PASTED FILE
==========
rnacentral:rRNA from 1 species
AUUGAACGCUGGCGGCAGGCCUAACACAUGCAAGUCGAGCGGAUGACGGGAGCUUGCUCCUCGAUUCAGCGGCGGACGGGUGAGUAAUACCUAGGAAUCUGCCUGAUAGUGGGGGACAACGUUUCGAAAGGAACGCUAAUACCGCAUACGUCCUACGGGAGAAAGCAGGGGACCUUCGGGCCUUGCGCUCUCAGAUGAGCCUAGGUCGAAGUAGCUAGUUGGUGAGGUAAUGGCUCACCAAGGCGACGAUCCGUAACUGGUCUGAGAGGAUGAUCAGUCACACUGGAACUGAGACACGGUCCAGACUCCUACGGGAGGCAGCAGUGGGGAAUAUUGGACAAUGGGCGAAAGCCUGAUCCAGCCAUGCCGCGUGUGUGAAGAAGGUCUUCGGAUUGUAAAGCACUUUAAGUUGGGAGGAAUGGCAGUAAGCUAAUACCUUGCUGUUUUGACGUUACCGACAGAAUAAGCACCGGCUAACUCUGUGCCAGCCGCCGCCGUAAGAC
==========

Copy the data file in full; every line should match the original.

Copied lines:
rnacentral:rRNA from 1 species
AUUGAACGCUGGCGGCAGGCCUAACACAUGCAAGUCGAGCGGAUGACGGGAGCUUGCUCCUCGAUUCAGCGGCGGACGGGUGAGUAAUACCUAGGAAUCUGCCUGAUAGUGGGGGACAACGUUUCGAAAGGAACGCUAAUACCGCAUACGUCCUACGGGAGAAAGCAGGGGACCUUCGGGCCUUGCGCUCUCAGAUGAGCCUAGGUCGAAGUAGCUAGUUGGUGAGGUAAUGGCUCACCAAGGCGACGAUCCGUAACUGGUCUGAGAGGAUGAUCAGUCACACUGGAACUGAGACACGGUCCAGACUCCUACGGGAGGCAGCAGUGGGGAAUAUUGGACAAUGGGCGAAAGCCUGAUCCAGCCAUGCCGCGUGUGUGAAGAAGGUCUUCGGAUUGUAAAGCACUUUAAGUUGGGAGGAAUGGCAGUAAGCUAAUACCUUGCUGUUUUGACGUUACCGACAGAAUAAGCACCGGCUAACUCUGUGCCAGCCGCCGCCGUAAGAC